…and that’s the best-case scenario. The worst-case scenario would be situations where it rains lightly, a dry line forms in the draft line, that line runs up to normal pace, and a driver is nudged out onto wet pavement, on slicks or intermediates, at over two hundred miles per hour. Don’t confuse that with the tire-smoking melees we see in NASCAR today, or the hit to the wall Danica took last week after full-locking for five hundred feet. It would be the equivalent of simply driving, full-throttle, into the SAFER barrier at 200mph. That’s not courage. That’s stupidity, and no NASCAR or IRL driver in his right mind would sign up for it. The institutional knowledge for running a superspeedway in intermediate conditions simply doesn’t exist among the teams and it would have to be paid for in blood. If you want that to happen, you aren’t a racing fan. You’re the same kind of person who would have enjoyed watching lions tearing people apart in the Colosseum. Go home and take your “TAPOUT” pants with you.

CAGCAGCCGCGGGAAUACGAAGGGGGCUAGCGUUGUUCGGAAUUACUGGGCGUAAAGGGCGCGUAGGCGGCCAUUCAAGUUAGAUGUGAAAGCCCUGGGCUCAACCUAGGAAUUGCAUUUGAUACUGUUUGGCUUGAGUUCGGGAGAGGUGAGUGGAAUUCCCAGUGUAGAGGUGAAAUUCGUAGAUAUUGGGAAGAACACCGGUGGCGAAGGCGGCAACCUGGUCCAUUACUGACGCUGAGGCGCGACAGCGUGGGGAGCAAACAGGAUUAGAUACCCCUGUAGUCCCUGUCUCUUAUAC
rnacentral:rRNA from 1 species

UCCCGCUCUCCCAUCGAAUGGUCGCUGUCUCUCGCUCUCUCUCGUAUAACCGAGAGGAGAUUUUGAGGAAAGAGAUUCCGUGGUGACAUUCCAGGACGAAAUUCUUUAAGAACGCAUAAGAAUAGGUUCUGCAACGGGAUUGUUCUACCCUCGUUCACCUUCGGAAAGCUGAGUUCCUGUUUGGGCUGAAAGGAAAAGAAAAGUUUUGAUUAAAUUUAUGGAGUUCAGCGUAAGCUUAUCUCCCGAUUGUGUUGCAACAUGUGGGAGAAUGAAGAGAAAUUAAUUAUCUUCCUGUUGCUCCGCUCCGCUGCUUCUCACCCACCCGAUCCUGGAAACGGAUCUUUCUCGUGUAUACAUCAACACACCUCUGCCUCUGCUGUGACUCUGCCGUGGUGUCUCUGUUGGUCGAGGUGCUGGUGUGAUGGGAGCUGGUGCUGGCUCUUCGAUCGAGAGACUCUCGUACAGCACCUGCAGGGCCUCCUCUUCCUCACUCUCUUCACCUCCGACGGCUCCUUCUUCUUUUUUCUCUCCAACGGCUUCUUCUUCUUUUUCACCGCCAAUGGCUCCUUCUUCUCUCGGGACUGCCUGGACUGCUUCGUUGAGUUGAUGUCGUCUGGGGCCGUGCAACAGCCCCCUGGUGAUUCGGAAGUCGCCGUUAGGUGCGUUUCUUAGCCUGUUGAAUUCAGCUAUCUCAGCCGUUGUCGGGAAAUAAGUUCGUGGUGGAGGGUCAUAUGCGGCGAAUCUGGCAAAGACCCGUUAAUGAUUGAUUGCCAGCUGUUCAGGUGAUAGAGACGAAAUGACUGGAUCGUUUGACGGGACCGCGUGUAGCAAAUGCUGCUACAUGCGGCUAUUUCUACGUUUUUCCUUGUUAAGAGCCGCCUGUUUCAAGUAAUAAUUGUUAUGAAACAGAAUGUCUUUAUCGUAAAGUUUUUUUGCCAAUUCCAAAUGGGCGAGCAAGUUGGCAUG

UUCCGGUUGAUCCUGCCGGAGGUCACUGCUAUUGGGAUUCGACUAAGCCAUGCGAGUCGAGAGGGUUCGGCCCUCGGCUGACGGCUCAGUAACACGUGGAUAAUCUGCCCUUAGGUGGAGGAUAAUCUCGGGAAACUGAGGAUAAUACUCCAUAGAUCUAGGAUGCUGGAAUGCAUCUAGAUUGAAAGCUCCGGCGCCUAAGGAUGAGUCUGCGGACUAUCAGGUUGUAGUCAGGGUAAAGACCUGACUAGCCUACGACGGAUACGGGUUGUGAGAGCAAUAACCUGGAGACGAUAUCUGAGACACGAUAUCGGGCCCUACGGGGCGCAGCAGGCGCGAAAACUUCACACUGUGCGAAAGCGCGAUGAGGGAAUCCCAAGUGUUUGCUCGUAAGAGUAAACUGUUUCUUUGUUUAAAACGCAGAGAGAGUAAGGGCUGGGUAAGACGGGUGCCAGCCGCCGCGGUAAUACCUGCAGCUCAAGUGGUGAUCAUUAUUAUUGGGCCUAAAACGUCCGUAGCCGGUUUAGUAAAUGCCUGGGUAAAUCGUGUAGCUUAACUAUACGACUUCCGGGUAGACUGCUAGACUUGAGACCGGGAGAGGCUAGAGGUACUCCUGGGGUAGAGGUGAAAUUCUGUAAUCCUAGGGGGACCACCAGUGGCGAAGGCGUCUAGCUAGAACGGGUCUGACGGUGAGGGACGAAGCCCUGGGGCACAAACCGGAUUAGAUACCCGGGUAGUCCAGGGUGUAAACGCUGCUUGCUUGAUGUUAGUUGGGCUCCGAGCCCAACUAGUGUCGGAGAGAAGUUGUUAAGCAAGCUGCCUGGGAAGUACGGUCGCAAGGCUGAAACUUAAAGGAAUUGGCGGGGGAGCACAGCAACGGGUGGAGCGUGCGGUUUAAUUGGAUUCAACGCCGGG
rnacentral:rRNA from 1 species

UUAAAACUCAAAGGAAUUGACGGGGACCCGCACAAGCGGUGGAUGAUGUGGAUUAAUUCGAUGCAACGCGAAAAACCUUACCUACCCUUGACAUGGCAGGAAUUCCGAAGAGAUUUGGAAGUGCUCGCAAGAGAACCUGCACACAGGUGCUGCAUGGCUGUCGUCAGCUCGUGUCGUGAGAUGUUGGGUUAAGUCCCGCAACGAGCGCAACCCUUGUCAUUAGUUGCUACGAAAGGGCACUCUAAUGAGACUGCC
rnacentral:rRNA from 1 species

Real race fans, along with anyone else who has ever observed the “competition” of F1 cars droning through four-minute laps when standing water forms can also understand how boring it can be to watch rain racing. At safe standing-water speeds, NASCARs at Talladega would appear to be doing pace laps. It would be mind-numbing. Why bother? Why not just run the race when conditions are correct? Baseball could theoretically be played in the rain, as well, but nobody wants to watch it and they don’t bother to do it. It isn’t entertaining, and NASCAR is meant to be entertainment. Road racers get snippy about that, too, but that’s the way it is. I can guarantee you that if eighty thousand people started showing up at my NASA races, we would change the format to accomodate those people in a heartbeat. At that point, if there’s real prize money involved, we can turn it into figure-eight racing for all I care.